Across the globe, thousands of coal fires are burning. Nearly impossible to reach and extinguish once they get started, the underground blazes threaten towns and roads, poison the air and soil and, some say, worsen global warming. The menace is growing: mines open coal beds to oxygen; human-induced fires or spontaneous combustion provides the spark. The United States, with the world’s largest coal reserves, harbors hundreds of blazes from Alaska to Alabama. Pennsylvania, the worst-afflicted state, has at least 38—an insignificant number compared with China (see sidebar, “Flaming Dragon,” p. 58) and India, where poverty, old unregulated mining practices and runaway development have created waves of Centralias. “It’s a worldwide catastrophe,” says geologist Anupma Prakash of the University of Alaska at Fairbanks.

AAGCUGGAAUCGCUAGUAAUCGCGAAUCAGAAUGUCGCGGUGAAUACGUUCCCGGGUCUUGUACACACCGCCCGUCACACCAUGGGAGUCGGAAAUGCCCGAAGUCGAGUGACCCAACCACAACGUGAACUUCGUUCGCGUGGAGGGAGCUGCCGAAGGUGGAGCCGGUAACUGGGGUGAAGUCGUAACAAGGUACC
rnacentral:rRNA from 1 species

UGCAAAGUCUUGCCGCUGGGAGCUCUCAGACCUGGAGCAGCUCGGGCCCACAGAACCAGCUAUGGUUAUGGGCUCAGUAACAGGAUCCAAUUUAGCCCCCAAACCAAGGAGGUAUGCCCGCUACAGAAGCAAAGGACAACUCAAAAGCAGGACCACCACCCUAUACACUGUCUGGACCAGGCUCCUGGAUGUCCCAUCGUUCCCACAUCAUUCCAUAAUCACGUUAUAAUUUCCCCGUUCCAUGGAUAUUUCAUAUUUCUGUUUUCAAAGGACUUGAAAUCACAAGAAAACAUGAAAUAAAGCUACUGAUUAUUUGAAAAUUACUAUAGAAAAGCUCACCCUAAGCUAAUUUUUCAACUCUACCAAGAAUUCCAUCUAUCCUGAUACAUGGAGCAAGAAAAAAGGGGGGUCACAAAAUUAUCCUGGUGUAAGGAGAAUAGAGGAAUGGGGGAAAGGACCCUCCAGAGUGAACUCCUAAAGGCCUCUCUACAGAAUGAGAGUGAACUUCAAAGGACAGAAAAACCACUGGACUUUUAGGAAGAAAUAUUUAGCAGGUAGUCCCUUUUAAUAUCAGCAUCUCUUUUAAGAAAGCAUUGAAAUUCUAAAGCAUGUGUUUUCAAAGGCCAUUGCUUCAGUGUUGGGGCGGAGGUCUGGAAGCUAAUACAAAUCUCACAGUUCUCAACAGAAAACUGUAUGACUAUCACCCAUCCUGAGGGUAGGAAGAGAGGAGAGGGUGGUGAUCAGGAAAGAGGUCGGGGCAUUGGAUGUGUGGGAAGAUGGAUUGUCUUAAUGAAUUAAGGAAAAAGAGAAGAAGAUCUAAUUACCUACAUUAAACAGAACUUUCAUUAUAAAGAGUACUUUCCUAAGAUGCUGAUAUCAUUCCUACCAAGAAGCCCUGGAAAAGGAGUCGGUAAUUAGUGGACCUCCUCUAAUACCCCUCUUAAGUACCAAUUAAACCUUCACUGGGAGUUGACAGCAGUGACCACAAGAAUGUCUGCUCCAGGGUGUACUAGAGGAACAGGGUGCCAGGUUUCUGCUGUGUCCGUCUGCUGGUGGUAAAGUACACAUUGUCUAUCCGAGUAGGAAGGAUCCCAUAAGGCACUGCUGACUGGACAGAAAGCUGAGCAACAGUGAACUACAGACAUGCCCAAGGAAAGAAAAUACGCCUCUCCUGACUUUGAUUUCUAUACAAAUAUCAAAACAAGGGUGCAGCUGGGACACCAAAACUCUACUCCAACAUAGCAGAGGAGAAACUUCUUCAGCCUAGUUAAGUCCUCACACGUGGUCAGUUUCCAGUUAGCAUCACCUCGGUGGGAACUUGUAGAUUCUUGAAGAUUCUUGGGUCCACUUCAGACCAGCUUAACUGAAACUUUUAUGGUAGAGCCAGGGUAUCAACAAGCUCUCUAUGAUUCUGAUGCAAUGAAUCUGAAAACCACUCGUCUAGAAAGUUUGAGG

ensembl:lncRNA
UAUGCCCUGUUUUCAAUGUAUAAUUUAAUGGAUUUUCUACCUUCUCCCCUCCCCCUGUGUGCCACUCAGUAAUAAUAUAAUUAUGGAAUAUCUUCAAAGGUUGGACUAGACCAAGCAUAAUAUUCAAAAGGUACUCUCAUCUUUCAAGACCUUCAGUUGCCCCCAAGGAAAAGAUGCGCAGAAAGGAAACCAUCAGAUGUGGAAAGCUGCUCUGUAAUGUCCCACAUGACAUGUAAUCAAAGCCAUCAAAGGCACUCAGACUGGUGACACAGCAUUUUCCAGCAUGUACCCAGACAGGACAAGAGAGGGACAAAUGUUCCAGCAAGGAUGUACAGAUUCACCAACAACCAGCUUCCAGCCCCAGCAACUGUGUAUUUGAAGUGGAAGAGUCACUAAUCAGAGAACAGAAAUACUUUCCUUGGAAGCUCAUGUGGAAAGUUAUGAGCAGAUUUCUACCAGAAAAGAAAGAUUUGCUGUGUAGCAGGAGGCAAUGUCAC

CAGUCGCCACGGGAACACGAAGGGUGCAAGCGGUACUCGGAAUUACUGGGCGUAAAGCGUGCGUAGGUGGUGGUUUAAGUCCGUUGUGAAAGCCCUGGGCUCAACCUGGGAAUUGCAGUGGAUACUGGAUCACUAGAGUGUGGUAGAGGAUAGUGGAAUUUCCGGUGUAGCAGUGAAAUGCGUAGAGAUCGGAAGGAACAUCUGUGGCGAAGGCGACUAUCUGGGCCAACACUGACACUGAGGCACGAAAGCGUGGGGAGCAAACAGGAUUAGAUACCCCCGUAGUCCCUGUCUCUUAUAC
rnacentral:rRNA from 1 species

Some of the underground fires are natural occurrences. When coal, exposed at or near the surface by erosion, combines with oxygen, a chemical reaction produces heat. That process can build for years; low-grade, soft coals—crumbly and low in carbon—can spontaneously combust, at temperatures as low as 104 degrees Fahrenheit. Lightning or a brush fire can also ignite soft coal. The fires burn downward, acquiring air through fissures in rock and microscopic spaces between grains of dirt. An underground fire may smolder for years, or even decades, without showing signs on the surface. Eventually, however, in a process called subsidence, burning subterranean coal turns to ash, creating huge underground voids and causing overlying ground to crack and collapse—thus allowing more air in, which fans more fire. Much of the landscape of the American West— its mesas and escarpments—is the result of vast, ancient coal fires.
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